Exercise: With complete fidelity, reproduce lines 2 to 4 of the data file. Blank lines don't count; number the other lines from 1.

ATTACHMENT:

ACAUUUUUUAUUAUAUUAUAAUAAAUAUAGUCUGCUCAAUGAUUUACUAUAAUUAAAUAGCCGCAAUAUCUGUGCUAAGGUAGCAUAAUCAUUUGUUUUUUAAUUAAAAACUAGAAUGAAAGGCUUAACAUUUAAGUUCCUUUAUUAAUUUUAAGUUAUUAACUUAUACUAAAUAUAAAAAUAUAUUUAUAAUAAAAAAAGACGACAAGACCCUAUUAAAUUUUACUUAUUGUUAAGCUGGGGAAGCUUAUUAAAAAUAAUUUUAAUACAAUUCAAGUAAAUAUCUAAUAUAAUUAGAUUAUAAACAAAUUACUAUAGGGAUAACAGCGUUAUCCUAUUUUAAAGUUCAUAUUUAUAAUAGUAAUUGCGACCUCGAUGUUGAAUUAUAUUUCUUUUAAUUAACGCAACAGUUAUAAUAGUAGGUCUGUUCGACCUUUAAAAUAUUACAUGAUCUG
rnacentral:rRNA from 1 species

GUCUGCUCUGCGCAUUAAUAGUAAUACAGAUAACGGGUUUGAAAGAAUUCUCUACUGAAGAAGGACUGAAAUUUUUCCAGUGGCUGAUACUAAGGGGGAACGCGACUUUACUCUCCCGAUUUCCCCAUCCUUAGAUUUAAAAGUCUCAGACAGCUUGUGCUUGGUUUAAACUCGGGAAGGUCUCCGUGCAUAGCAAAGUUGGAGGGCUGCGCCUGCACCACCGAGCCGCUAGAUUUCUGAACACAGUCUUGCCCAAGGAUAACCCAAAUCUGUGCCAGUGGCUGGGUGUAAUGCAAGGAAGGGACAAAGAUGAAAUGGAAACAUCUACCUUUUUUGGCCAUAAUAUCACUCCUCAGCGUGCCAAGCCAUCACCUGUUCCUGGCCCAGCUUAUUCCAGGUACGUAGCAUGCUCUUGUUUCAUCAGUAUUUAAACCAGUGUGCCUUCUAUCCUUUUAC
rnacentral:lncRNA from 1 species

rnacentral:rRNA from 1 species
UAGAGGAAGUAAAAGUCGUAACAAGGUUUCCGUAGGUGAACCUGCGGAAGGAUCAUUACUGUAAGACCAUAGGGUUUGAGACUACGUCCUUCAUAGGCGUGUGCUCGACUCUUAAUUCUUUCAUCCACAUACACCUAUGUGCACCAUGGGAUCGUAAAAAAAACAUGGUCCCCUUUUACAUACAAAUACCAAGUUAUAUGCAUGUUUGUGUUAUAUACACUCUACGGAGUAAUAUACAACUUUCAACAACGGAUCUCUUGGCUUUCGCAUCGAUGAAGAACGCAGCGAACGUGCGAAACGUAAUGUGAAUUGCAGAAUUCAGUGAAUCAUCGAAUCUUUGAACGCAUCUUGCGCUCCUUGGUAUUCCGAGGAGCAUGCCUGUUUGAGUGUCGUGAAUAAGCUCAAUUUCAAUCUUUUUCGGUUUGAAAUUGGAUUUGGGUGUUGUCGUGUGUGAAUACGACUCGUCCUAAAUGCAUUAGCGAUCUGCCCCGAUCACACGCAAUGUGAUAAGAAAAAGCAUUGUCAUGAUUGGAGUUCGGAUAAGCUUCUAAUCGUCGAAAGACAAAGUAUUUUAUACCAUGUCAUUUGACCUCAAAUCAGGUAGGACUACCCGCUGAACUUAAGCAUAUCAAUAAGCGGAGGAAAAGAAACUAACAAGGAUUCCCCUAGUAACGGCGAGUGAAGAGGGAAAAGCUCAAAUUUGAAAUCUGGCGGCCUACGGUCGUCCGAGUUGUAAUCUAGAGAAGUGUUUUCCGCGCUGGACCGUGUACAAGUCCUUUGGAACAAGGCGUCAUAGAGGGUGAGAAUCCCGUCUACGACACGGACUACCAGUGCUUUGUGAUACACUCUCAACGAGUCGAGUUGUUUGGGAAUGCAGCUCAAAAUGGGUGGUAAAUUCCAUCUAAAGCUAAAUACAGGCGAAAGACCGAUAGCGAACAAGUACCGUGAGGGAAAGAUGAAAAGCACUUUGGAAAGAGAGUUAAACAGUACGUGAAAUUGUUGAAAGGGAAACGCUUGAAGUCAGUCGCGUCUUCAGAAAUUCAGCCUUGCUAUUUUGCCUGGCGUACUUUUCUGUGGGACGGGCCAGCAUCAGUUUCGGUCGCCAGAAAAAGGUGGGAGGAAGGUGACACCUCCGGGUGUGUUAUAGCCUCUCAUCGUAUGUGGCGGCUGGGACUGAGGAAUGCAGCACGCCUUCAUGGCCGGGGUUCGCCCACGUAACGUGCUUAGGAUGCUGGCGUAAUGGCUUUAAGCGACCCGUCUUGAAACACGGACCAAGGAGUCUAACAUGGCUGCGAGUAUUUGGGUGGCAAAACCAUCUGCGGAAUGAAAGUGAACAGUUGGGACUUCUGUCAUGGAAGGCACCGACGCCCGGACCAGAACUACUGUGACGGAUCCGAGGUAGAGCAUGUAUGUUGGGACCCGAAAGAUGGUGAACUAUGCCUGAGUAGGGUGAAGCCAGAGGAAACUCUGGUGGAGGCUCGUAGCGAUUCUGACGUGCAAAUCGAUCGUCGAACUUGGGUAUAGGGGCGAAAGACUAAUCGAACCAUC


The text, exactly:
rnacentral:rRNA from 1 species

GUCUGCUCUGCGCAUUAAUAGUAAUACAGAUAACGGGUUUGAAAGAAUUCUCUACUGAAGAAGGACUGAAAUUUUUCCAGUGGCUGAUACUAAGGGGGAACGCGACUUUACUCUCCCGAUUUCCCCAUCCUUAGAUUUAAAAGUCUCAGACAGCUUGUGCUUGGUUUAAACUCGGGAAGGUCUCCGUGCAUAGCAAAGUUGGAGGGCUGCGCCUGCACCACCGAGCCGCUAGAUUUCUGAACACAGUCUUGCCCAAGGAUAACCCAAAUCUGUGCCAGUGGCUGGGUGUAAUGCAAGGAAGGGACAAAGAUGAAAUGGAAACAUCUACCUUUUUUGGCCAUAAUAUCACUCCUCAGCGUGCCAAGCCAUCACCUGUUCCUGGCCCAGCUUAUUCCAGGUACGUAGCAUGCUCUUGUUUCAUCAGUAUUUAAACCAGUGUGCCUUCUAUCCUUUUAC
rnacentral:lncRNA from 1 species